Dual clutch automatics are very popular in Europe and in sporty cars because they offer the control of a manual yet shift faster and more consistently than any other transmission so they can be a great option in sporty vehicles (like every Ferrari) or even the new little Hyundai Kona. The DCT is an awesome option in the VW GTI and it's also getting rave reviews in the new Honda Gold Wing motorcycle. CVT's do not have the control of a manual or DCT but they can work really well in the real world...my 2017 CRV is calibrated to feel eager and peppy and it feels more effortless driving through mountains than my V8 Mustang did. Many manufacturers may be forced to tune CVT's for fuel economy so I can understand why some folks feel like they let the engine lug...the Nissan Murano feels a bit sluggish even though it has a very powerful engine and goes just great if you put your foot down. Hondas are usually a bit lighter than their competitors and they also often use slightly smaller engines so they can then calibrate the vehicles to be fun to drive and still get good fuel economy. The CVT in my Honda also gives more engine braking than a conventional auto and I like that.

    All the new models have different personalities and different pro's and con's and one can make a good argument for any of them being "best". I think the new RAV4 will be bigger and that's one reason we liked the CRV...at the time it was the only small crossover that had a real double-wide armrest between the front seats just like grown up vehicles...plus it has way more rear seat legroom than our 4Runner!

    If you want to be truly fast and responsive drive your car as if it were a motorcycle if you've ever driven 2 wheels and that's how racing works. You don't give it tons of gas, especially quickly, no never! Approaching a turn you get somewhat off the throttle, or if you really need to slow down for a curve, brake before the turn. Then when you are releasing the brake or as you are just backing off the throttle start to turn the wheel into the direction you want to turn. You can sometimes rotate the car by releasing the brake a little quicker and you tune it to the curve but again, smoothness and slowness and deftness is key. Turn in slightly early and then as soon as you reach the amount of steering input desired you want apply throttle very gradually whilst unwinding the wheel. Maximum steering should be initially with a goal to unwind the wheel as you apply gas, both slowly and smoothly. Now it should be so smooth that someone in the passenger seat should not be able to tell the exact moment when you let off the throttle, applied brake, were braking maximally, applied steering or started to apply throttle. But once you apply throttle start undinwing the wheel and straightening out and the car will start turning by itself. It's magical. Did you know that high power front wheel drive cars can be tamed and rotated just like AWD or RWD?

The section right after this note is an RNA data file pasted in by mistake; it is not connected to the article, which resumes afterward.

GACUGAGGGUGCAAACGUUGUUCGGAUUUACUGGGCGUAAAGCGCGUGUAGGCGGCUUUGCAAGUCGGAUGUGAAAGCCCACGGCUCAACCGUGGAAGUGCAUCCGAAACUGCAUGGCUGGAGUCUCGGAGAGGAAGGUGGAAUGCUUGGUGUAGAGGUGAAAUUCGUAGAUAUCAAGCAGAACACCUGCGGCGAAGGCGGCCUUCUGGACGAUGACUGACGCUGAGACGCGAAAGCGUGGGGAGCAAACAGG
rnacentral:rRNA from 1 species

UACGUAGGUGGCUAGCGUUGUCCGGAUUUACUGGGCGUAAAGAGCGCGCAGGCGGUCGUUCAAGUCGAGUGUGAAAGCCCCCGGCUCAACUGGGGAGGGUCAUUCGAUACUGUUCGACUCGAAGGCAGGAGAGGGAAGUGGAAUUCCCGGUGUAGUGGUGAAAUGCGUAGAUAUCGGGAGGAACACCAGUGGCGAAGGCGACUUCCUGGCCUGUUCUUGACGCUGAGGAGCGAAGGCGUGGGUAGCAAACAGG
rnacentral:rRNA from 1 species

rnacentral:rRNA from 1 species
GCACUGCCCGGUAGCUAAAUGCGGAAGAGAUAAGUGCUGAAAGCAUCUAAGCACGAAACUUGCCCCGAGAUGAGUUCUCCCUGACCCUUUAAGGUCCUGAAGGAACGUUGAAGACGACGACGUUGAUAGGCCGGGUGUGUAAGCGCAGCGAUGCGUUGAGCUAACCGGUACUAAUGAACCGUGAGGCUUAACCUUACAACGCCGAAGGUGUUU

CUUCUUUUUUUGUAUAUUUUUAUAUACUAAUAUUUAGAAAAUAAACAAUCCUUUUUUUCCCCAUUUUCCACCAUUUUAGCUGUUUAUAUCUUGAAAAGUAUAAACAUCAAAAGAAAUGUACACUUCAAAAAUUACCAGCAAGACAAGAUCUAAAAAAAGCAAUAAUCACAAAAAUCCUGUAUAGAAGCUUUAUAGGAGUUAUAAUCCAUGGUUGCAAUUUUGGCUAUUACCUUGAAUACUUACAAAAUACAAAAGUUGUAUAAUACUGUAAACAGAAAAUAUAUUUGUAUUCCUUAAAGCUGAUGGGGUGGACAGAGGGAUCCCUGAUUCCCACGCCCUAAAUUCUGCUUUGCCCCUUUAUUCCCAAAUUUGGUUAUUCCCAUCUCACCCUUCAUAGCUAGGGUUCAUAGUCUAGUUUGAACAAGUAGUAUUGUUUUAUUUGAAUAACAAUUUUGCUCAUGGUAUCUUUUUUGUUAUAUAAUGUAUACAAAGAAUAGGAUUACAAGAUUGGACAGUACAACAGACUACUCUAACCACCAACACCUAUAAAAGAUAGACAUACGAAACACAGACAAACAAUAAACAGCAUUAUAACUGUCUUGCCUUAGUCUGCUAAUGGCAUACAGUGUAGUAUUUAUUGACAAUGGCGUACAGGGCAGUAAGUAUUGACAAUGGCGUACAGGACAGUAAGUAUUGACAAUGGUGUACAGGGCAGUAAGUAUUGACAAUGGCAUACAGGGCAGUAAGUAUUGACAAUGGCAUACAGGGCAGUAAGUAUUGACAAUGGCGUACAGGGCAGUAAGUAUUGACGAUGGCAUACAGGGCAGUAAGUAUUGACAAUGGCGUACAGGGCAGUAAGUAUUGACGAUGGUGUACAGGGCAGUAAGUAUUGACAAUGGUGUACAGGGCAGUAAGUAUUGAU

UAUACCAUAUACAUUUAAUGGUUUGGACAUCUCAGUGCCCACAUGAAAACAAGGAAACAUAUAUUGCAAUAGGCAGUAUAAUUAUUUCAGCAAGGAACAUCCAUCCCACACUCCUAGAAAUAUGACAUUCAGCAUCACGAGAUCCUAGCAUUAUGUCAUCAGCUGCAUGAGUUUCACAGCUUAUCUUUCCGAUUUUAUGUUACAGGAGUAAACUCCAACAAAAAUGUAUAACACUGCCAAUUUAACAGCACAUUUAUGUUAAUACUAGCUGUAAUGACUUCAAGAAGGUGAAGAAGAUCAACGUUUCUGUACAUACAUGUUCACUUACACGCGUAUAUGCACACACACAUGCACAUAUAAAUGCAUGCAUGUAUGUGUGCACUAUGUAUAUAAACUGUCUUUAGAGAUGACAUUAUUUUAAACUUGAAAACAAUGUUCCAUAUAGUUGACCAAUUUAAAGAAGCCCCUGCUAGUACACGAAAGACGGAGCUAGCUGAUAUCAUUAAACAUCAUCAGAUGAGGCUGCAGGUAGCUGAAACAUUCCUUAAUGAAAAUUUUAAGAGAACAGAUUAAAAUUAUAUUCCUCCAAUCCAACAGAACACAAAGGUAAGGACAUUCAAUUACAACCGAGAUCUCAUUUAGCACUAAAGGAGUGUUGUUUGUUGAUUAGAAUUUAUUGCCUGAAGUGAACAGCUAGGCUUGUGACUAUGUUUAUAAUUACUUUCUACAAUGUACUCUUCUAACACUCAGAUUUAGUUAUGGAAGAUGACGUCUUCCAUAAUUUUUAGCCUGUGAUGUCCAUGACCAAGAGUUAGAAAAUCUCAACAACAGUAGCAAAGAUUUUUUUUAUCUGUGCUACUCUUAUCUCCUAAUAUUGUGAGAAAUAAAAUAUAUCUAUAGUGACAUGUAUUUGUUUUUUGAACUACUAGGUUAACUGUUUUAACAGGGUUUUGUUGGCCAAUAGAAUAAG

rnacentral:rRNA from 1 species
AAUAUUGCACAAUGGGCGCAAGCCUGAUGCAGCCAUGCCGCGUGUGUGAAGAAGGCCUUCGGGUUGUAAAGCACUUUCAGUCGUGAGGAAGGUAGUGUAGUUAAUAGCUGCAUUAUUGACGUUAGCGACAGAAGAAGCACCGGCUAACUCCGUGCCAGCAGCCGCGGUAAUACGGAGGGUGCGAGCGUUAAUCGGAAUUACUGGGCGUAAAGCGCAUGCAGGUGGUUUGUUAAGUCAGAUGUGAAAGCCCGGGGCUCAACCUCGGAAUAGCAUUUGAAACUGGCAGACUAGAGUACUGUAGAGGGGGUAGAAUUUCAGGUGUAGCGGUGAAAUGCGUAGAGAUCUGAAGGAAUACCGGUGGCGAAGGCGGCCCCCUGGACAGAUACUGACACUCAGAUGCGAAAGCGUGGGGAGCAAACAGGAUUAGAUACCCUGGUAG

You see throttle, when applied slowly, turns into grip because by forcing the wheels to turn forward it applies downforce on your car so it increases grip. But you don't want to give too much throttle too quickly because that will essentially quickly lift the front tires and it's like picking up the rudder out of the water. So you just keep feeding more and more throttle while you take away steering. If the car doesn't point where you want you probably gave it too much gas too quickly, too little gas, or are giving it too much steering, or a combination of all three.

    Once you know this principle you start to pick the line in a curve that is not the line that needs less steering. You pick the line in the curve that allows you to turn in and get on the throttle while unwinding the wheel the soonest and that's different. Doesn't matter how much gas you give it, the important thing is giving a tiny little bit as soon as possible. Usually you start on the outside, turn in a bit early, gas and start unwinding as soon as possible, get on the inside relatively late, and end up on the outside at the end but it's not linear like that. Each curve is different and it depends on the car, the surface, conditions, lots of stuff. When faced with a slalom situation or multiple curves set yourself up so that you get on the gas the soonest on the last curve as that is the longest straight where speed is most important, which means in a series of 4 turns the first 3 should be sacrificed in order to put yourself in the position to maximize your speed coming out of the last. Watch these slaloms transitions, that's when you are most likely to spin out on the 3rd turn or 3rd twist of the steering wheel!